Enhanced boiling heat transfer from a novel nanodendritic micro-porous copper structure
Following licentiate thesis is a summary of the advances made within the research project - Micro- and nano structured surfaces for enhanced boiling heat transfer – which is a collaboration effort between the Divi-sion of Applied Thermodynamics and Refrigeration and the Division of Materials Chemistry at the Royal Institute of Technology (KTH).The main objectives with this research project has been to: develop methods for producing highly efficient boiling surfaces with well defined micro- and nano-structured porous surfaces by the use of micro- and nano-manufacturing techniques. This objective has been achieved and the result is a novel micro-porous surface structure comprising dendritically ordered nano-particles of cop-per. The structure was fabricated by a high-current-density electrode-position process, in which the evolution of hydrogen bubbles serve as a dynamic masking template to the growth of the dendritic copper struc-ture. Important variables were identified that affect the production of the structure and its features, such as surface orientation during electrode-position, pressure and temperature of electrolyte, and a final heat treat-ment of the surface under reduced atmosphere, all of which have previ-ously not been reported on.Experimental tests have been conducted in a widely used refrigerant, R134a, where the micro-porous structure was shown to enhance the boiling performance of a copper surface over 15 times compared to a regular copper surface. The boiling characteristics of the structure were found to be dependent on controllable surface characteristics. The re-markably good boiling performance of the novel micro-porous en-hancement structure has been attributed to its high porosity ( ~94%), a dendritically formed and exceptionally large surface area, and to a high density of well suited vapor escape channels (>50 per mm2).A patent application, intended to protect the enhancement structure and its fabrication method, was submitted to the Swedish patent authorities (PRV) on March 1st, 2006.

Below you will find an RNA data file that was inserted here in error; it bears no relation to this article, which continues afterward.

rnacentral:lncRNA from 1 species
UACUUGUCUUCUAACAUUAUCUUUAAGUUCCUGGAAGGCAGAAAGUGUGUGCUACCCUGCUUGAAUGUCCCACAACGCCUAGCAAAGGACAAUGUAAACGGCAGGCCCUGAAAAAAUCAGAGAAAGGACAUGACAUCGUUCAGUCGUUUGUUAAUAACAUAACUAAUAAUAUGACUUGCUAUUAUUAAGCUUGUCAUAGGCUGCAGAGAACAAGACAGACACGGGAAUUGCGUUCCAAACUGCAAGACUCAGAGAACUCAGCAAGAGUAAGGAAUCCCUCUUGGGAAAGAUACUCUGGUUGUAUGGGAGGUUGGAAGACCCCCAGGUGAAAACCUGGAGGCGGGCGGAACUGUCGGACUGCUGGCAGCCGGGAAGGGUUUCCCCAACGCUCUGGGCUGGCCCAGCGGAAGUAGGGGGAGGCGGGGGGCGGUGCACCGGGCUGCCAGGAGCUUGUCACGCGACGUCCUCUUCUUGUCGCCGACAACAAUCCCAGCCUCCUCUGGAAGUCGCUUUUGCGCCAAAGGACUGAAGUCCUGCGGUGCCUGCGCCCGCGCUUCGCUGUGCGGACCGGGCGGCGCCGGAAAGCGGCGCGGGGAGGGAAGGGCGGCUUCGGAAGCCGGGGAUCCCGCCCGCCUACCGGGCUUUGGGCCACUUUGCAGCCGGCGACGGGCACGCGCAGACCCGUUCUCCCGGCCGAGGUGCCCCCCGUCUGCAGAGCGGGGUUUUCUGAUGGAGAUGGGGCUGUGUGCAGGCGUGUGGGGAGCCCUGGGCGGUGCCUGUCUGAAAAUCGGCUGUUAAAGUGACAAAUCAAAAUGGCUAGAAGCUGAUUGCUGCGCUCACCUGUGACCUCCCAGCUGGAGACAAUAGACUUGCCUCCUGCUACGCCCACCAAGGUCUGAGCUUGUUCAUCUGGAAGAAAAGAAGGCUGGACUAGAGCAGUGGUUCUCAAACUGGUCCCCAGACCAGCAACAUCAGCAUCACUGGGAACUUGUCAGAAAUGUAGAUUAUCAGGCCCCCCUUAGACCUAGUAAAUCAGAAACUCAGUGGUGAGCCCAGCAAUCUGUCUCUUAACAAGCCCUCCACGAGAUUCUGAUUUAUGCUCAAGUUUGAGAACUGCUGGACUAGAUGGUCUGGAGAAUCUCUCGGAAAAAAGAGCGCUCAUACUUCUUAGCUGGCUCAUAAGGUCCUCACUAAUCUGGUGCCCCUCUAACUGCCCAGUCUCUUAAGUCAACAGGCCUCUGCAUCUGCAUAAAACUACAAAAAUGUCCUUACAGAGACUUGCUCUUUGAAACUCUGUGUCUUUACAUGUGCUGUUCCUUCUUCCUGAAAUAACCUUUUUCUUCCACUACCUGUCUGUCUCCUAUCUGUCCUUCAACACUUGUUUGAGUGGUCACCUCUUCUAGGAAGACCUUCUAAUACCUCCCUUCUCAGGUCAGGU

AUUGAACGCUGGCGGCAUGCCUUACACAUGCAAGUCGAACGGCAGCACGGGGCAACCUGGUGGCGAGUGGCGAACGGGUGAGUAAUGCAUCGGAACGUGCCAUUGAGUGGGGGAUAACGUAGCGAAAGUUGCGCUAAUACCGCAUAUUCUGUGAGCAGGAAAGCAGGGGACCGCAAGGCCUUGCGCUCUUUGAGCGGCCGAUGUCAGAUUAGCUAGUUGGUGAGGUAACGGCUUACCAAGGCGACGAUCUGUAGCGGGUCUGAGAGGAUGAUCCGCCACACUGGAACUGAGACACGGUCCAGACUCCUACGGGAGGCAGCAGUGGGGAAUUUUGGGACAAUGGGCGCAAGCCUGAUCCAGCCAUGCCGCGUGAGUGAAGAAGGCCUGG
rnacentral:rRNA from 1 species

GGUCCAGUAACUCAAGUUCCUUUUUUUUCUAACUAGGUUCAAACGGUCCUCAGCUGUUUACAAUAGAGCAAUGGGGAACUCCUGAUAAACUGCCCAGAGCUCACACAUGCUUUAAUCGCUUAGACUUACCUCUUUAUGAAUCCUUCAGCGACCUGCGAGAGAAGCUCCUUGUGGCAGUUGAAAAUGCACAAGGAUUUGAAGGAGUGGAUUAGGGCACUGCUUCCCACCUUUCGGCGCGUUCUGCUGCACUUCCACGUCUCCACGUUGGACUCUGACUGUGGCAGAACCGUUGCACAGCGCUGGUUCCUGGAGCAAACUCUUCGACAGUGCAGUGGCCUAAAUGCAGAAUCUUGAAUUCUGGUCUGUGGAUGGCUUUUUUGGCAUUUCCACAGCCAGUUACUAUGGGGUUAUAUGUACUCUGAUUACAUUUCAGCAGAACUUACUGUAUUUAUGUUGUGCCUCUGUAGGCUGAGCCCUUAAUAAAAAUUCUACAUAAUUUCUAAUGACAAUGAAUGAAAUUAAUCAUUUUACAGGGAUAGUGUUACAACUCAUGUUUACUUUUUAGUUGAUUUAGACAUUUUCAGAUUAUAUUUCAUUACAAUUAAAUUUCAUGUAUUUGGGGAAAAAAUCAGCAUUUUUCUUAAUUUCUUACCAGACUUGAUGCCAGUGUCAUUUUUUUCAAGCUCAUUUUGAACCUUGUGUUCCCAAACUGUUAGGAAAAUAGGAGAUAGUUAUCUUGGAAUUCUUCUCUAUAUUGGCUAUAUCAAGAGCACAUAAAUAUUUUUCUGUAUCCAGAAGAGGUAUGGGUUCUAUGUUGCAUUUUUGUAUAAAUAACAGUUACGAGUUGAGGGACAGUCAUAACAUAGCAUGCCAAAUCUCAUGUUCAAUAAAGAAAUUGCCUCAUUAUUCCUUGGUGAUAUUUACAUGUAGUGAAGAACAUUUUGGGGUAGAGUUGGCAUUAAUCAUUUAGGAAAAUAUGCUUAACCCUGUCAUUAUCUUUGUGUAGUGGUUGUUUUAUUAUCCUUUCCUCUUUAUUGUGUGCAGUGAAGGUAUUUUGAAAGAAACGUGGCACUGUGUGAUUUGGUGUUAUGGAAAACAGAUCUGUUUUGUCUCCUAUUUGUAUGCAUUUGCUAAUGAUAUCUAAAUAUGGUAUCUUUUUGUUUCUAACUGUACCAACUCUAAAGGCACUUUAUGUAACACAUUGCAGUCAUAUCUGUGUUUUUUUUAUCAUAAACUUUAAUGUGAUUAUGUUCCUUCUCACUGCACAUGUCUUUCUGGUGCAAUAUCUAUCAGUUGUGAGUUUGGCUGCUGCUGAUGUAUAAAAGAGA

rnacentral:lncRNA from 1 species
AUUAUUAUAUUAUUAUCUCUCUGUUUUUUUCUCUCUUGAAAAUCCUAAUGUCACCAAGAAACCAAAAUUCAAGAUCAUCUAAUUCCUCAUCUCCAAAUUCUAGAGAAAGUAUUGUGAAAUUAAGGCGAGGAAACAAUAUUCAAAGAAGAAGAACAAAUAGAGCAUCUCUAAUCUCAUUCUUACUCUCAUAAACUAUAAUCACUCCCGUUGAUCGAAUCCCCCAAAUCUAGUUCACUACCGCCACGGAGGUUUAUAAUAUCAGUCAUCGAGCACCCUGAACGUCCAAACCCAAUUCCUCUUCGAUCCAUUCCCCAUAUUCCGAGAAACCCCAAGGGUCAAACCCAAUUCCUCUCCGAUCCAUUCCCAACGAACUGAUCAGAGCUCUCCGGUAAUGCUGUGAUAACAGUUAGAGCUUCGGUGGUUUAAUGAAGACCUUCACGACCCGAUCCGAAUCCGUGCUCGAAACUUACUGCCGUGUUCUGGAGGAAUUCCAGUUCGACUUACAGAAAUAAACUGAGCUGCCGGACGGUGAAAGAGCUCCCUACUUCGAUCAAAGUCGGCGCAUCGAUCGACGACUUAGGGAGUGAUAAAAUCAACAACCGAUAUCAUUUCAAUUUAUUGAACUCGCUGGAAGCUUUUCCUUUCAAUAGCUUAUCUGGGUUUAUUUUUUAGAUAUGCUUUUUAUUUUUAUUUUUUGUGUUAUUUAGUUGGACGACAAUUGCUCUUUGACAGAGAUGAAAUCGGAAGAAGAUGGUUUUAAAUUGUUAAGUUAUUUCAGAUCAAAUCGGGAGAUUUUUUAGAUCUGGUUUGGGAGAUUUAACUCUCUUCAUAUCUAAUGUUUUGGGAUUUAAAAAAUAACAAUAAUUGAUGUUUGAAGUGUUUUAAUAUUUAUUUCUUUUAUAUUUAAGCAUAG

School:Kungliga Tekniska högskolan
Source Type:Master's Thesis
Keywords:TECHNOLOGY; Engineering mechanics; Mechanical and thermal engineering; Thermal energy engineering
Date of Publication:01/01/2006